|Plan B® available at almost every pharmacy||Not yet stocked in all pharmacies; ella® is available from the Campus Health Pharmacy|
|If vomiting occurs within 2 hours after taking dose, a repeat dose is needed.||If vomiting occurs (unlikely) within 3 hours after taking dose, a repeat dose is needed.|
|Does NOT protect against sexually transmitted infections (STIs). If STI exposure is a concern, visit a doctor to get medications that can treat or prevent infection.||Does NOT protect against sexually transmitted infections (STIs). If STI exposure is a concern, visit a doctor to get medications that can treat or prevent infection.|
|For women taking hormonal birth control (e.g. pill, ring, etc.), a barrier method (e.g. condom) must be used in addition to the hormonal birth control for the remainder of menstrual cycle.||For women taking hormonal birth control (e.g. pill, ring, etc.), a barrier method (e.g. condom) must be used in addition to the hormonal birth control for 2 weeks after taking ella®.|
*BMI = body mass index. A BMI calculator can be found here. Recent news reports claim the morning-after pill may not work in obese women, so ella® or the copper IUD are likely preferred in overweight or obese women. In women with a BMI>35, the copper IUD is the most effective option.
Which emergency contraceptive method is the most effective?
- The copper IUD (Paragard®) is the most effective method of emergency contraception available for any woman. Of the approximately 12,000 copper IUDs that have been placed for emergency contraception in the United States since 1976, only 12 women (0.1%) have become pregnant. The copper IUD is a reversible birth control method that is effective for up to 10 years. While it may be considerably more expensive than emergency contraception pills or birth control pills, it often offers a long-term cost savings and may even be fully or partially covered by your health insurance plan.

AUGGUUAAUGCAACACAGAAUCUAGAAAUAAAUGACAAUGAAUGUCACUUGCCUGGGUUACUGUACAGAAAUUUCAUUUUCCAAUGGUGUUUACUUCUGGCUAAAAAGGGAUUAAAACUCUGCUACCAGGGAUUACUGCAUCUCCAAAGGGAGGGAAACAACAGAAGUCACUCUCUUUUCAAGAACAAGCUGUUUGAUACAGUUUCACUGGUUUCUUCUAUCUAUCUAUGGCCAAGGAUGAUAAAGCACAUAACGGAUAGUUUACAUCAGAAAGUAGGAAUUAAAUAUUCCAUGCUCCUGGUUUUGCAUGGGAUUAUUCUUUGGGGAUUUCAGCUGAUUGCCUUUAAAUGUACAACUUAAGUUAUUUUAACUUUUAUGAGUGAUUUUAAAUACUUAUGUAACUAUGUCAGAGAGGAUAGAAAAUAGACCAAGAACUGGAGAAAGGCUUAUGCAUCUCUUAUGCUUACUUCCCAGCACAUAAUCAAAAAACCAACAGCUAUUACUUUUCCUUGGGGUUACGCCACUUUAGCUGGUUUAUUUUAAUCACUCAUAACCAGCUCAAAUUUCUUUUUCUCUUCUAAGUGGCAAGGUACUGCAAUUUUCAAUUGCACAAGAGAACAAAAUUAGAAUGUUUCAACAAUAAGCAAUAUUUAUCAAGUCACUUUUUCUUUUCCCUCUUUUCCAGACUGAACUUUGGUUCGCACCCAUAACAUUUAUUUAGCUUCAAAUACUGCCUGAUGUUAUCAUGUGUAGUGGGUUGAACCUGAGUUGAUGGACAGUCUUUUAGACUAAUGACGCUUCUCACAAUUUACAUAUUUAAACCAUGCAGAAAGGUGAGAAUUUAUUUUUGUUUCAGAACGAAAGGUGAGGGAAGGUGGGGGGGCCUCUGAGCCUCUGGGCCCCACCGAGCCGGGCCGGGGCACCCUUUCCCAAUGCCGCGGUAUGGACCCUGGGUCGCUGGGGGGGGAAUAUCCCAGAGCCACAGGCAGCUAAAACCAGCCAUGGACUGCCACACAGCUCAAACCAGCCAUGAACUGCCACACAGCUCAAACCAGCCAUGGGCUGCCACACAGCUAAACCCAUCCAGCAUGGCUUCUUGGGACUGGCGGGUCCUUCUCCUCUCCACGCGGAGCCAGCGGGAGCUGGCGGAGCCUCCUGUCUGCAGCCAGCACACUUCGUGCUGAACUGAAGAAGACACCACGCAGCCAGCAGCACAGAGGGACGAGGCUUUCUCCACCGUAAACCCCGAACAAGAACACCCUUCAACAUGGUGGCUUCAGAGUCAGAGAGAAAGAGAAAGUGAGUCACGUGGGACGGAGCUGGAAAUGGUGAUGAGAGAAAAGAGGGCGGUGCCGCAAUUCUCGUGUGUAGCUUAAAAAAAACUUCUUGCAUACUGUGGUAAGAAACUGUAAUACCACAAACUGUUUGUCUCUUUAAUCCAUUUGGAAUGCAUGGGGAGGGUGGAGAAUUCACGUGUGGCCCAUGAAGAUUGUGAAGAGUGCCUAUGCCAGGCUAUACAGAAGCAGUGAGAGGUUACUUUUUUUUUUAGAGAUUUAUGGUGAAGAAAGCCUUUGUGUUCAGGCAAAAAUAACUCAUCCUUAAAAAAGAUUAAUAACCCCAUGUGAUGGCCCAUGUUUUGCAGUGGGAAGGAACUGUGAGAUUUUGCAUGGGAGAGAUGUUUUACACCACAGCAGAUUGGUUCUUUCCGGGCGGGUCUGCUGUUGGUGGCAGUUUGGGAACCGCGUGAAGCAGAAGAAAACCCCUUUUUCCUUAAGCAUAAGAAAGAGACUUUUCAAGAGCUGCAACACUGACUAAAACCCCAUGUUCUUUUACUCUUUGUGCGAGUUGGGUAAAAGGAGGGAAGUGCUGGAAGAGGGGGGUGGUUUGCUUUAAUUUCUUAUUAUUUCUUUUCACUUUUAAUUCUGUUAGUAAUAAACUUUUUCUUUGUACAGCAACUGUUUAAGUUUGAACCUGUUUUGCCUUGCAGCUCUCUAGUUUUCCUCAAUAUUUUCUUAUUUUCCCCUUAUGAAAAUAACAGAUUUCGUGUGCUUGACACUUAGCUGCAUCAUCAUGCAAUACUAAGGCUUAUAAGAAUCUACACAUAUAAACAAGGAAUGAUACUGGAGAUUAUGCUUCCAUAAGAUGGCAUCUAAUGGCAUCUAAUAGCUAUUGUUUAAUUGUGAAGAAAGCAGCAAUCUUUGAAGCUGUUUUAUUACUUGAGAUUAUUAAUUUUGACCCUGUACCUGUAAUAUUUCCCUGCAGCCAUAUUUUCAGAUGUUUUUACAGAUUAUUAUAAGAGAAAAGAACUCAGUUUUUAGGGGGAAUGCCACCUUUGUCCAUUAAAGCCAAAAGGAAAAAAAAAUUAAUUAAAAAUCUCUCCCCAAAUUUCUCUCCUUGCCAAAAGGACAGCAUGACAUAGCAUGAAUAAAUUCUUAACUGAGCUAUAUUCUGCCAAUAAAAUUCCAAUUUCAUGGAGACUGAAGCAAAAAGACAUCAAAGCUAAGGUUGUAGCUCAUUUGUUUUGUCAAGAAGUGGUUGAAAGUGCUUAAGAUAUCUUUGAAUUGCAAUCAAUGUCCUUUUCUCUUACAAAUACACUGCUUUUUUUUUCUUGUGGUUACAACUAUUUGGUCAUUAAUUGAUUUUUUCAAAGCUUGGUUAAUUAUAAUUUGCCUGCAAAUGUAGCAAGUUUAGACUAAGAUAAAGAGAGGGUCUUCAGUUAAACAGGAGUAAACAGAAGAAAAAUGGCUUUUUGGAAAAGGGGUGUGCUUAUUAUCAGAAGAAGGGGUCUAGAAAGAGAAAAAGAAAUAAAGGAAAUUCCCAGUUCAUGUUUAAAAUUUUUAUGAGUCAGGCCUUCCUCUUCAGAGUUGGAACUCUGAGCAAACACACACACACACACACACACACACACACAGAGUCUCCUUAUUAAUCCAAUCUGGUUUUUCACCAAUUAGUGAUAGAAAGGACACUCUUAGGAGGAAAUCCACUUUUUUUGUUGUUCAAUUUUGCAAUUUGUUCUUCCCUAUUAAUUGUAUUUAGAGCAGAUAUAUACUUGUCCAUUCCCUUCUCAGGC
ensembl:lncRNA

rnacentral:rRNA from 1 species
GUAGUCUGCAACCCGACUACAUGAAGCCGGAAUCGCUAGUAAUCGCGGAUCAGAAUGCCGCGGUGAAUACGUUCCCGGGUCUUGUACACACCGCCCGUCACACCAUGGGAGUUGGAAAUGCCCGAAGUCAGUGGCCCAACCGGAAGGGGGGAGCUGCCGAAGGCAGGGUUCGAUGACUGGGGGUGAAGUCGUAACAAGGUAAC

- ella® is considered the next most effective method. Pregnancy is prevented in about two-thirds of women who would have otherwise become pregnant (i.e. were in a fertile time of their menstrual cycles) with the use of ella®.
- About half of expected pregnancies are prevented with Plan B®.
- All forms of emergency contraception are more effective when they are used as soon as possible!
What should I expect from “the pill?”
A few things happen; most importantly, ovulation is delayed and changes occur in the uterine lining to prevent implantation of any fertilized eggs. Unfortunately, you may experience some side effects of emergency contraceptives:
- Irregular menstrual bleeding, delayed menstruation, or “spotting”
- Abdominal discomfort
- Headache or dizziness
If your period has still not occurred 7 days after the expected time or if you think you may be pregnant, make an appointment with a doctor. For further answers or advice on emergency contraception, consider calling Campus Health at 919-966-2281, visiting the Campus Health website, or checking out some of the additional resources listed below.
If you believe you may have been sexually assaulted, call 919-966-3650 or come directly to the Women’s Health Clinic located on the third floor of Campus Health Services (CHS) as soon as possible after the incident.
Additional emergency contraception resources can be found at the following websites:
- UNC Campus Health Services webpage on Emergency Contraception: http://campushealth.unc.edu/healthtopics/sexual-health/emergency-contraception.html
- Princeton University website on Emergency Contraception: not-2-late.com or http://ec.princeton.edu
- James Trussell, Elizabeth Raymond, and Kelly Cleland. “Emergency Contraception: A Last Chance to Prevent Unintended Pregnancy.” http://ec.princeton.edu/questions/ec-review.pdf. 11/2013.
- Glasier A. “Emergency contraception: clinical outcomes.” Contraception. 2013;87(3):309.